So, I’m still pretty new to Craft… and learning what the design industry has to offer has been a huge learning curve for me. I never quite appreciated the work that went into rebranding your favourite cereal, or strategy that informs the digital banner that you see at your bus stop every day. All the these things that we typically take for granted... but yet we are all effected by design. Recently this had got me thinking about the impact that design has on our day to day lives, and the effect designers have on the society we live in.
When I was invited to attend Design Manchester to represent Craft for our 5th year of attendance, I wasn’t entirely sure what to expect. But with my recent ponderings on the impact of design, I was excited to hear from designers that have truly left their mark. On arrival, I could really see why this is such an important event for our industry. I saw designers from all walks of life brought together, from students, freelancers, agency and overseas - it truly was an event to unite an ever-growing and adapting community.
With the theme of the conference this year being SMART, I was ready to be inspired with some of the latest innovative ideas which would positively impact our society in this political uncertainty. But yet the first talk by Extinct Rebellion (Clive Russell & Charlie Waterhouse) was a hard-hitting one to kick-off with. Opening the conference with the ideology that “design is ruining our planet”.
For the next hour they delved into topics around climate change, ecological destruction and our interference with nature. Asking us as an audience some real home truths around the world we live in, stating that:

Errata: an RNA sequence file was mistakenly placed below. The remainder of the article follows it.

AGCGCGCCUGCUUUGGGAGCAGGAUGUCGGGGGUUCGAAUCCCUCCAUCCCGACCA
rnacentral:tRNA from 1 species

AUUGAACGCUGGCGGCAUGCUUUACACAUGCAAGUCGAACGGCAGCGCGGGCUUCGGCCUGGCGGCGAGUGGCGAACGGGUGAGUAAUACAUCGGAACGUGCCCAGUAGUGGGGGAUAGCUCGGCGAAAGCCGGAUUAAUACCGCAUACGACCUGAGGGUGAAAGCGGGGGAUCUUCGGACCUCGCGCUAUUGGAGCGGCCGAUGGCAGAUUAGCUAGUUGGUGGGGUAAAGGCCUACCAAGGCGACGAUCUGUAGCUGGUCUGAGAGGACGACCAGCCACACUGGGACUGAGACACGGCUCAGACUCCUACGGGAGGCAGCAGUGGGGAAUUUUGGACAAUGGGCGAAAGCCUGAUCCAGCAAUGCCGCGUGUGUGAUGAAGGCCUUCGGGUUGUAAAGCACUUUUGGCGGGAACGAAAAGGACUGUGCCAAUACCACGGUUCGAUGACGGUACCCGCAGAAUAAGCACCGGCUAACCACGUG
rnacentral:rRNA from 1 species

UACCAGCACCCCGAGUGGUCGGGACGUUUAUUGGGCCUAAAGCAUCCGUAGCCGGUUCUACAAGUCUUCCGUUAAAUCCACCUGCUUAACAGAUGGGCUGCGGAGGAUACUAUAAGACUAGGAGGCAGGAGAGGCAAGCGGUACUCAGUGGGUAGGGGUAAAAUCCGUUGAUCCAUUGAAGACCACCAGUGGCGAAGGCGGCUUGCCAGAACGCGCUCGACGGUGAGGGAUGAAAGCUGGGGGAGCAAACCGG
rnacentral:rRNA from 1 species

“We would never get on that plane with a one-in-20 chance of it coming down, but we are willing to send our children and grandchildren on that planet”
As I was starting to question the link between world destruction and design - they then moved onto that question I had previously been mulling over by asking “imagine how getting involved in the right design decision could impact what society thinks?”. It was at that moment the point fell into place, and the links were formed. The idea that a designer can actually refuse design work, and how this impact could be greater for our society and the planet we live on. We all know we need to make a living, but should we start considering the morals behind the work we take on and the impact this will have in not just our life time, but the next generation? Which design decision is truly SMART here?
Moving on from heavy-hitting subjects, we went on to hear from Daljit Singh who founded one of the first digital design agencies called Digit. This talk stood out to me particularly as he touched upon how we could make technology more SMART for freelancers. Recently I have been working with freelancers at Craft, and getting to grips with all things that come alongside going solo. One aspect I get questioned on (and still question myself) is the admin and financial side and doing this on your own. Well LISTEN UP, Daljit Singh has been working hard on his new brand ANNA which stands for ‘Absolutely No-Nonsense Admin’. Which he claims is the way forward for banking and admin apps, and this one is especially for you freelancers out there.
The app is designed as a mobile business account that does your admin for you, chasing your invoices and sending you regular tax reminder so you never miss that deadline again. And to top it all off… the app meows when you swipe that card.
The conference has fuelled my interest in how design can impact our lives, and it’s something we’re seeing more and more in the portfolios we review at Craft. With so many agencies focusing on delivering sustainable solutions to their clients, innovative thinking is a design skill that’s becoming more prominent in our industry. If you want to talk through your portfolio with me, just drop me an email and say hi!Email